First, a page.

LoveToKnow spoke with Dr. Deirdre Chiaramonte of the Animal Medical Center of New York about heartworm symptoms, infestations, prevention, and treatment. Get this valuable info that could save a dog's life.
Heartworm Symptoms and More
Love to Know (LTK): Dr. Chiaramonte, What exactly are heartworms?
Heartworms are thread-like worms that live and colonize in the pulmonary arteries. These are the blood vessels that lead from the heart to the lungs. Mature heartworms produce offspring, known as microfilari, that travel through and live in the bloodstream.
Dr. Deirdre Chiaramonte (DDC): How do dogs become infected with heartworms?
DDC: Heartworm is transmitted by mosquitoes. Immature heartworms, those still in the larval stage, are transferred from the mosquito's bite directly into a dog's bloodstream.
LTK: Are puppies at any greater risk for heartworm infection than adult dogs?
DDC: No. Any dog not receiving heartworm preventative is equally at risk for infection when exposed to mosquitoes.
LTK: Are heartworms a risk throughout the country, or just in certain regions?
DDC: Heartworm disease is a risk anywhere mosquitoes live. That being said, warm/humid climates in which they can survive year-round are the areas of highest risk. Places like the southern United States, South America and the Caribbean immediately come to mind.
LTK: What are some typical heartworm symptoms that owners might notice once they know what to look for?
DDC: Many dogs are asymptomatic, meaning they don't exhibit any outward signs of the disease. Thus regular testing is important for detection. With progression of the disease as the heart is taxed, common signs include:
- Bloody sputum
- Heavy breathing
- Difficulty exercising
- Fluid build-up in the abdomen
LTK: How is a heartworm infection diagnosed and treated, and what is the mortality rate for infected dogs?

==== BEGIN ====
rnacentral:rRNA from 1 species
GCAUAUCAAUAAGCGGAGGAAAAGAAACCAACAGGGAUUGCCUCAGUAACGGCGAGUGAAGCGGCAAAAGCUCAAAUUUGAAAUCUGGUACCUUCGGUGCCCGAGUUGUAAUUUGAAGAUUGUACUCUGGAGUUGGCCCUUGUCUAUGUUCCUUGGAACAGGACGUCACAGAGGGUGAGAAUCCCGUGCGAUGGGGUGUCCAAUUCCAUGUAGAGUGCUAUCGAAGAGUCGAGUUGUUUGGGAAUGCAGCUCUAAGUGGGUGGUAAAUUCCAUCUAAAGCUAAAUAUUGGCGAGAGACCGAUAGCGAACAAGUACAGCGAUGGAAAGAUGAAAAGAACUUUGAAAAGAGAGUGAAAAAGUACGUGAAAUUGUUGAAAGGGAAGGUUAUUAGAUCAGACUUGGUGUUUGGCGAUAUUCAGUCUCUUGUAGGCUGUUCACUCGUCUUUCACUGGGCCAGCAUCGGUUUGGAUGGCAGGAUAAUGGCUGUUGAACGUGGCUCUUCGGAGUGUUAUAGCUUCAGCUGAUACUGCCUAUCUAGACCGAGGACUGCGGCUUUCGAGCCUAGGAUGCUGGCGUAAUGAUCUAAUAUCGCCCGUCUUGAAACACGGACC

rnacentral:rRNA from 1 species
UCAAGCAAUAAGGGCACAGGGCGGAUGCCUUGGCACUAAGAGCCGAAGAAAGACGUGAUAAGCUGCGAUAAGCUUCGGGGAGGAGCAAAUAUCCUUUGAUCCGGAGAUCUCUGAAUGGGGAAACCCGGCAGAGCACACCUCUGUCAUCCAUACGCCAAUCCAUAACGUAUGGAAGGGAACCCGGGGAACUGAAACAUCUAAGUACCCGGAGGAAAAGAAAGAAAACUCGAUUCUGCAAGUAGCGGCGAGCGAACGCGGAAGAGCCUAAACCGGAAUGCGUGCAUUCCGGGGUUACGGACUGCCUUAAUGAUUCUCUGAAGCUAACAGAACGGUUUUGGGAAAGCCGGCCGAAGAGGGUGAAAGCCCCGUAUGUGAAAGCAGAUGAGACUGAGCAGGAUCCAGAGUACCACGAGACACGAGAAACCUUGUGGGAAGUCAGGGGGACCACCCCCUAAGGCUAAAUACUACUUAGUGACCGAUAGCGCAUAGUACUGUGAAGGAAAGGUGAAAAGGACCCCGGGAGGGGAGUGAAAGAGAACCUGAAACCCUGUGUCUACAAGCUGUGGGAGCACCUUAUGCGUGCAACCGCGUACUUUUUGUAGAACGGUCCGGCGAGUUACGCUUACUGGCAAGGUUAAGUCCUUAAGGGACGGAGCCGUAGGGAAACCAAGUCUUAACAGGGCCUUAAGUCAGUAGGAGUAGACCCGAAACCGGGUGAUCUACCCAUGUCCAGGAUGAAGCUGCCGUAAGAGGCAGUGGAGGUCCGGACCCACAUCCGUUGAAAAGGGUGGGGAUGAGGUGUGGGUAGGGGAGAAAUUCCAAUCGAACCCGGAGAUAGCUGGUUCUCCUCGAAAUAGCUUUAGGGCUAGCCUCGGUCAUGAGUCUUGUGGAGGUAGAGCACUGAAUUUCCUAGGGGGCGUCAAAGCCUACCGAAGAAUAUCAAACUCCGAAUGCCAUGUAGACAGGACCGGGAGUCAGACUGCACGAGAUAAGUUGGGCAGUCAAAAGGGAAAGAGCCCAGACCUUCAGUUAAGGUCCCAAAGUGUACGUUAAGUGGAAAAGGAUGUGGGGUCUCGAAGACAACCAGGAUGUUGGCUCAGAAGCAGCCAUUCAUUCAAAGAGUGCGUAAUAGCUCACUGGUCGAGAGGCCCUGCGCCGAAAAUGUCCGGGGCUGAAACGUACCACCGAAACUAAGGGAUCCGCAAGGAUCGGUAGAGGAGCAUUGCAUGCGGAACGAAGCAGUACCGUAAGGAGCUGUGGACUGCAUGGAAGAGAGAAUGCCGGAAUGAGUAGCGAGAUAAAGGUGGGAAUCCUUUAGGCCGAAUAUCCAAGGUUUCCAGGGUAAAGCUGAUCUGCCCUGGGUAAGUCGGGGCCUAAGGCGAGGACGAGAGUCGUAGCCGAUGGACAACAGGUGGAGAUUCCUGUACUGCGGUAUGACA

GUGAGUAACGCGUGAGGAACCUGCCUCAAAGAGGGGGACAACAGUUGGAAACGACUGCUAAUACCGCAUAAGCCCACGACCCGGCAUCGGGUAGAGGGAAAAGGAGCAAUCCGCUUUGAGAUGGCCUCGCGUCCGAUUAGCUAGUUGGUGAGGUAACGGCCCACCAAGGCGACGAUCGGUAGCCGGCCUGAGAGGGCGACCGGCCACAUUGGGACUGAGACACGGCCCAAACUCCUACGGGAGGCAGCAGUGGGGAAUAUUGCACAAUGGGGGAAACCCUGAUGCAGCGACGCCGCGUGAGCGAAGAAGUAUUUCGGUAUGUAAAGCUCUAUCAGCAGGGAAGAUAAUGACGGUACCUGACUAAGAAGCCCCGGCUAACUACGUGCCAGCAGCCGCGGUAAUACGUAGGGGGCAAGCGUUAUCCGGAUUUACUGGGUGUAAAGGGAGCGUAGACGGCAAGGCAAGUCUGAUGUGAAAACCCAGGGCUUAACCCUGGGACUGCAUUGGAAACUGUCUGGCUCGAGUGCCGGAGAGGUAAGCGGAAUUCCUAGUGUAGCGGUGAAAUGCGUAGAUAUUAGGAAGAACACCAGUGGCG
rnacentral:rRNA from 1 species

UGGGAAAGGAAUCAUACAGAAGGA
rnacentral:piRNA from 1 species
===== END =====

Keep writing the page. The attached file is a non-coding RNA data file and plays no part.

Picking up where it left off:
DDC: An infection is diagnosed by two different, yet simple blood tests. One looks for the presence of microfilaria, the immature heartworms. The other blood test looks for the presence of proteins/antigens in the bloodstream that are made by heartworms.
LTK: Talk to us about heartworm prevention.
DDC: It is much safer to keep dogs on monthly heartworm preventatives rather than let them a) suffer the life-threatening course of the disease or b) subject them to risky treatment. Both Ivermectin and another drug called milbemycin are frequently used as heartworm preventatives. However, it is important to discuss prevention with your veterinarian as some breeds cannot tolerate milbemycin and shouldn't receive this drug as a preventative.
LTK: Can the preventative medication be used to treat the infection? If so, under what circumstances.
DDC: Ivermectin and milbemycin can both be used as a follow up treatment to kill any remaining microfilaria once the initial heartworm treatment has been carried out to kill adult worms living in the pulmonary arteries. However, the initial treatments use different drugs that are targeted strictly at the adult worms. These drugs must be administered in the hospital under close supervision since they are quite toxic and present risks to the dog receiving them.
LTK: How often should dogs receive preventative and do they need it year round?
DDC: There are actually monthly preventative medications as well as daily. They are equally effective, but obviously the monthly is a more popular choice because of the convenience it offers. Year-round heartworm prevention is becoming the recommendation in many cases because the weather is frequently staying warm enough in non-typical regions for mosquitoes to survive. Also, more and more dogs are traveling with their owners, and this leaves them at greater risk for exposure.
LTK: How expensive is the preventative, and what happens if a dog misses a dose?
DDC: The cost to put a dog on preventative depends on the size of the dose, and this in turn depends on the size of the dog. Overall, the monthly preventatives are very affordable: generally less than $5.00 a month for small dogs, and less than $7.00 a month for large dogs. Depending on how soon the missed dose is realized, we either go ahead and give the dose late or test for the presence of heartworms before putting the dog back on preventative.
LTK: Will a dog that has recovered from a heartworm infection ever be completely normal again?
DDC: It really depends on the severity of the case and the dog's reaction to the treatment, because there are downfalls to the treatments used for heartworm infection. In general, we are dealing with fairly toxic substances. One drug, Immiditicide, is derived from arsenic. The other, Caparsolate, is known to be toxic to the liver and necrotizing to tissue if administered anywhere except directly into a vein.
Protect Your Dog From Heartworms
Taking steps to protect their canine companions from heartworms is something that every responsible pet owner should do. As Dr. Chiaramonte so clearly illustrates, it's impossible to understimate the importance of giving regularly scheduled medication to protect pets from this dangerous, yet highly preventable disease.